Help me understand how to plan for the Triduum
  • Dear friends, I'm planning music for Palm Sunday and the Triduum and am struggling with knowing what to do and how these liturgies specifically differ from normal Masses/liturgies. I don't know where to look for guidance or a clear and detailed description. The extent of my knowledge is as follows:
    Holy Thursday: Ubi Caritas for the Offertory and Pange Lingua goes in there somewhere, don't know where. No organ after communion
    Good Friday: Veneration of the Cross? no organ
    Vigil: I'm pretty sure I will be chanting the Easter Proclamation at the beginning (Don't know when to start that) and the Sequence (I know where that goes.) Lots of psalms and readings.

    I really want to know what I'm doing here - where could I go to read up on this? Any help would be appreciated. Thanks
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  • lmassery, you'll want to take a look at the Sacramentary (the big book the priest uses during the Mass) for answers to many of your questions. There will likely be one in the sacristy. Ask your priest if you can take a look at it. Also, most worship aids like hymnals or missalettes contain summaries of the information in the Order of Mass and the rubrics (instructions written in red in the Sacramentary) for special days.

    For music, a great resource for you would be the Gregorian Missal (available for viewing on the CMAA Chant Books page). It tells you what to sing and when to sing it. It also has chant melodies from the Roman Gradual for most of the sung parts (although other melodies and choral setting may be used) along with English translations, scripture references, and additional instructions.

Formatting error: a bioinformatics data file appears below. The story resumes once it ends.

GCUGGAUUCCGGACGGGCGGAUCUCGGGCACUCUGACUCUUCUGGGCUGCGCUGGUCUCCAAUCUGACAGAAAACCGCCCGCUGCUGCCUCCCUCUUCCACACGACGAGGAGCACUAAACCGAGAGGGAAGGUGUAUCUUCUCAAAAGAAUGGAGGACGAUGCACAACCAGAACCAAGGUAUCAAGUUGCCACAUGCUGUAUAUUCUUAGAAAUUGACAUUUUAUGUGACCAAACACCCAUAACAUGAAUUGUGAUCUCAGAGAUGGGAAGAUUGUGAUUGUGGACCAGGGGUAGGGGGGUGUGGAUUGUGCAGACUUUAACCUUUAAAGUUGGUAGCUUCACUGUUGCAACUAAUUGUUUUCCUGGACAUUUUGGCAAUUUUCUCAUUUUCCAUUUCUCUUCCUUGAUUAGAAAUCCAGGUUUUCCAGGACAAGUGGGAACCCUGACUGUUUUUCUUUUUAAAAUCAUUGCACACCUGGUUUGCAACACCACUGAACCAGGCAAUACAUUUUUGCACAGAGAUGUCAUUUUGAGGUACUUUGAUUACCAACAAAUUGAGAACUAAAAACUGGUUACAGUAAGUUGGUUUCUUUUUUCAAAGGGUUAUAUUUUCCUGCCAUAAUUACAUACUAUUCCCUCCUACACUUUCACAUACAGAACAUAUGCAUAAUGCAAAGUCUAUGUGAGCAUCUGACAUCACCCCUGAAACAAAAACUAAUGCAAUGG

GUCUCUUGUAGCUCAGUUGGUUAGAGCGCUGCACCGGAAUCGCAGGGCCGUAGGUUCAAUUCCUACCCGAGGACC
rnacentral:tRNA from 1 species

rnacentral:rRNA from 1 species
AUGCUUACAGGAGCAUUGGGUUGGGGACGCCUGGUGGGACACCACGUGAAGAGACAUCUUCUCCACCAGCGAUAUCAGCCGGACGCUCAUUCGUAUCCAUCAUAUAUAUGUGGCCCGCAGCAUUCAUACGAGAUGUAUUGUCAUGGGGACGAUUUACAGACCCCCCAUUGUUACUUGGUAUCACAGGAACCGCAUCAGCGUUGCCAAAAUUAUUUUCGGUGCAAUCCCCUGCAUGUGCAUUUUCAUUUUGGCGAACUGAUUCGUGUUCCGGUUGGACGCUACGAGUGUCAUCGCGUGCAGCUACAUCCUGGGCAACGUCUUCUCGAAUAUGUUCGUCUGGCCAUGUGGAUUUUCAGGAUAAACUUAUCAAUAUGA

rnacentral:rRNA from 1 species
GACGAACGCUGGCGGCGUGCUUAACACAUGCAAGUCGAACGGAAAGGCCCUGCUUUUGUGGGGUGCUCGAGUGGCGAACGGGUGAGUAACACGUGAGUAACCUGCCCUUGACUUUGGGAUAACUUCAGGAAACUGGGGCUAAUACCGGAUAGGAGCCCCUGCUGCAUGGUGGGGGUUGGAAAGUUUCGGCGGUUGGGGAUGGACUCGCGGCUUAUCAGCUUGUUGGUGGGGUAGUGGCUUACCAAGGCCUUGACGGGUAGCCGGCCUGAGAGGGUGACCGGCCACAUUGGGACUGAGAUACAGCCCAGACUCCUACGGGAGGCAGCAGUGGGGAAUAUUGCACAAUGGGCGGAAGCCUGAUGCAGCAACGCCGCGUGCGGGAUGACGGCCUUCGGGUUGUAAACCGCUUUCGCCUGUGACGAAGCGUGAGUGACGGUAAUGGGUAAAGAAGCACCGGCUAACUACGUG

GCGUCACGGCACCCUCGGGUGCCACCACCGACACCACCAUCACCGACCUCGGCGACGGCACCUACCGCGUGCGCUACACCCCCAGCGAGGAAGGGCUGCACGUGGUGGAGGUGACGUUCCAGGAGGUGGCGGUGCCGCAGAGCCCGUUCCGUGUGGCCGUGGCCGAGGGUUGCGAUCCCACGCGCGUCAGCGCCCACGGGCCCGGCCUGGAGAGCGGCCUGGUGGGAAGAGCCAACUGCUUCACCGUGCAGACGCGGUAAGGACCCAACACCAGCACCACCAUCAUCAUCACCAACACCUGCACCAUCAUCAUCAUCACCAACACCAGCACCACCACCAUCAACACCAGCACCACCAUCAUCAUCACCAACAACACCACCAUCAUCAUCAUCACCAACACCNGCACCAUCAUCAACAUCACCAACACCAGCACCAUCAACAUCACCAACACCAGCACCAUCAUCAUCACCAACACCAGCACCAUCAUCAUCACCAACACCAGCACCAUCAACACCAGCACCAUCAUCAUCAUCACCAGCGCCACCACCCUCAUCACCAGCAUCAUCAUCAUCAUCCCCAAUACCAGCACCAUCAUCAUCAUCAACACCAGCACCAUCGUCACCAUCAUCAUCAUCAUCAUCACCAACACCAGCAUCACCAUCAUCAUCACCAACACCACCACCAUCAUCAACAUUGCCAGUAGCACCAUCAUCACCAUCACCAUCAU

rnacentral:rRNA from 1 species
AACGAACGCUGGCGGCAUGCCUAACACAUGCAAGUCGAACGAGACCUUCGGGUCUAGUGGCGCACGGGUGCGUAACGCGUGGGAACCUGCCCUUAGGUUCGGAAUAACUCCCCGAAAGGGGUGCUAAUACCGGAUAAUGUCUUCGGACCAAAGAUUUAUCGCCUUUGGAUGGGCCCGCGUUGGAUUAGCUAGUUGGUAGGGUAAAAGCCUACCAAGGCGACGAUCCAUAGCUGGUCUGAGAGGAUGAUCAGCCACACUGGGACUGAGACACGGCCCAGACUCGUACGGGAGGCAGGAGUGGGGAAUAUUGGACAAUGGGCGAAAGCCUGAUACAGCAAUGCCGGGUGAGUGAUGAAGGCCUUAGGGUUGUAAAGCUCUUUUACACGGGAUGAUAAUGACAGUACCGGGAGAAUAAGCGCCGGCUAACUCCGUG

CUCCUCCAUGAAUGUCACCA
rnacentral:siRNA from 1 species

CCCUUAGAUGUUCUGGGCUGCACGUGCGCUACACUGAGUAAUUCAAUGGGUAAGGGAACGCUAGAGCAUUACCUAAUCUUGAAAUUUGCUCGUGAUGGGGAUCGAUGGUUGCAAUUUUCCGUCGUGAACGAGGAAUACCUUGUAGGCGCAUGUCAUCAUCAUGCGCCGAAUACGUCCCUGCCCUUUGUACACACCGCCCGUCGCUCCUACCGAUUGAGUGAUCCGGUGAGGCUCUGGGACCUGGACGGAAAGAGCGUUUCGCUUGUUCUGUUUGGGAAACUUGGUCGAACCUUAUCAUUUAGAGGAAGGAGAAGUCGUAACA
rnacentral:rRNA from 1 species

This Circular Letter also has a great deal of information about the celebrations of Triduum. Avoid reading magazines, articles, and information supplied by music publishers and other unofficial sources. They offer a lot of confusing and incorrect information.

    Good luck!
  • incantu is certainly correct.

    Actually, organ music should not be played as an instrumental during Lent. It should only be played to sustain the singing.

    On Palm Sunday, I would generally plan the following:

    Entrance Procession: All Glory, Laud and Honor
    Offertory: At the Name of Jesus (from the worship III hymnal)
    Communion: Sing My Tongue the Savior's Glory
    Recessional: What Wondrous Love Is This

    Ideally, I would do the propers, but, sadly, it is rare, indeed to find someone who can do that.
  • In the case of "All Glory Laud And Honor," it is one of the propers for the procession, as it is a fairly faithful translation of Gloria, laus, et honor. Even if you've never sung Gregorian chant before, the communion for Palm Sunday is one of the easiest antiphons in the repertory. You can find the Latin chant with verses on the CMAA chant book page under Communio, or find a very singable English version in Paul Ford's By Flowing Waters. Save "Sing My Tongue" for its proper place on Holy Thursday (Pange lingua gloriosi) or Good Friday (Crux fidelis). There's a nice singing version of the latter on the ICEL site, which is perfectly licit to use this year: Faithful Cross. And as for the recessional, since it's not a part of the Mass itself it might be better to leave it out in favor of trying to sing some form of the offertory. It's also a nice transition into the Triduum to leave on Palm Sunday in silence.
  • Thank you friends, for the most helpful comments!
  • Holy Thursday: Pange lingua goes after Mass during the procession of the Blessed Sacrament to the altar of repose. The organ is not used at all after the Gloria.
    Good Friday: during the veneration of the cross, in my opinion, one of the most wonderful chants of the year is Agios O Theos, Sanctus Deus, alternated with verses of the reproaches. It is in Greek and Latin and its melody is undoubtedly ancient; the verses are easy recitative chant. You can find an English version of it (Greek and English) in the Palmer-Burgess, English Gradual, available on our web site.
    Easter Vigil: no sequence at the Vigil, only on Sunday morning. The organ is not used until the Gloria.

    Best wishes for a wonderful Holy Week!
  • Also, when singing the Pange lingua on Holy Thursday, you repeat the first four verses as necessary to cover the procession, then sing the Tantum ergo when the priest reaches the altar of repose.